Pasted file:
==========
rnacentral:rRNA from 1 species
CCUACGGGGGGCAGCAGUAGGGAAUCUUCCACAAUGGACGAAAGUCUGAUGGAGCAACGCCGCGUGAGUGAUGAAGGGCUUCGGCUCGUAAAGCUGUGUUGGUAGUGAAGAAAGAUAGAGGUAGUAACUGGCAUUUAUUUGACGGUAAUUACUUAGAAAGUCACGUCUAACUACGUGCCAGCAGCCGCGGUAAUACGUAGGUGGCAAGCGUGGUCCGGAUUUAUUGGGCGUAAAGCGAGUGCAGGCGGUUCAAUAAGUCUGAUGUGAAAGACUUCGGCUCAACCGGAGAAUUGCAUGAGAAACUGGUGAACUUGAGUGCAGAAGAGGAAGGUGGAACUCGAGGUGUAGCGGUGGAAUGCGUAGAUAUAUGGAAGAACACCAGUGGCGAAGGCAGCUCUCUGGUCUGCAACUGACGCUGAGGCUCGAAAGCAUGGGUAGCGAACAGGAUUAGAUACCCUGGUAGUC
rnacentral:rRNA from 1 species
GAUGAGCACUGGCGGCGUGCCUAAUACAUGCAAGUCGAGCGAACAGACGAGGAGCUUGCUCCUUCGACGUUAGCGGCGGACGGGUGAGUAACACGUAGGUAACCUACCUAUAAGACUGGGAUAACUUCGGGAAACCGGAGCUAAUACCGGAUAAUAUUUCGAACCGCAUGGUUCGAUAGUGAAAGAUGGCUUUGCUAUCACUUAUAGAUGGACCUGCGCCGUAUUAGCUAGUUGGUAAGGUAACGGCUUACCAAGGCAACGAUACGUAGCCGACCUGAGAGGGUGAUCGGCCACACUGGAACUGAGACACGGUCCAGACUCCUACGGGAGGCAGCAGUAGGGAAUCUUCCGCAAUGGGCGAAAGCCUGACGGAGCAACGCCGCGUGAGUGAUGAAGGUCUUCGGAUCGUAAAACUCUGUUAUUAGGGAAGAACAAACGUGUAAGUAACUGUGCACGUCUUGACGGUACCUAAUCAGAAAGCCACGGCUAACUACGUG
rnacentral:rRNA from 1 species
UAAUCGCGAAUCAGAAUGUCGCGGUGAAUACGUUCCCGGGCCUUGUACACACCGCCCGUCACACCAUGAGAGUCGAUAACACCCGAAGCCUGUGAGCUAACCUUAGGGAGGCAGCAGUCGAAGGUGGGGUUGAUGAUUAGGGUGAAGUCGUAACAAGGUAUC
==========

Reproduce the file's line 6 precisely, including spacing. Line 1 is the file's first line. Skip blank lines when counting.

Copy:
UAAUCGCGAAUCAGAAUGUCGCGGUGAAUACGUUCCCGGGCCUUGUACACACCGCCCGUCACACCAUGAGAGUCGAUAACACCCGAAGCCUGUGAGCUAACCUUAGGGAGGCAGCAGUCGAAGGUGGGGUUGAUGAUUAGGGUGAAGUCGUAACAAGGUAUC